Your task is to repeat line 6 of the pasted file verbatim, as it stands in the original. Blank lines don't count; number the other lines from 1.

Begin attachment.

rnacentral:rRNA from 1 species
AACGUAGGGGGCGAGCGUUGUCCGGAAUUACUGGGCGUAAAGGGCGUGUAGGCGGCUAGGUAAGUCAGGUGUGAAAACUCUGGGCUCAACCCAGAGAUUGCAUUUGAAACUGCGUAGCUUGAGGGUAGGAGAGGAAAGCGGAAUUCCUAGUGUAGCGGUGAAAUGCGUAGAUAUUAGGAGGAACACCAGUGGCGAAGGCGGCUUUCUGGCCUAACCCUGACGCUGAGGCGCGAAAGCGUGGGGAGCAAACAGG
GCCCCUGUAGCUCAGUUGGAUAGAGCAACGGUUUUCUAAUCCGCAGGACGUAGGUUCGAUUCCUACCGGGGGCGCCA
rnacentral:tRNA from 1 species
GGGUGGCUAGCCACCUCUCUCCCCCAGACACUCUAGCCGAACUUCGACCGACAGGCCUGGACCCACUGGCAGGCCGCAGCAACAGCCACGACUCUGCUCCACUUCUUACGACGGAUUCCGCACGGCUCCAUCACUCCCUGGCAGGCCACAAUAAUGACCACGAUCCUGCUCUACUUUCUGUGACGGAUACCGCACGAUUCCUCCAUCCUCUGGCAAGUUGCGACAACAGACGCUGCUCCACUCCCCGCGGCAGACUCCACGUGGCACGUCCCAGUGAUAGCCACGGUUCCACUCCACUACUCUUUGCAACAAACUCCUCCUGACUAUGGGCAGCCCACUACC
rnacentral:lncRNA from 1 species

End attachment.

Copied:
rnacentral:lncRNA from 1 species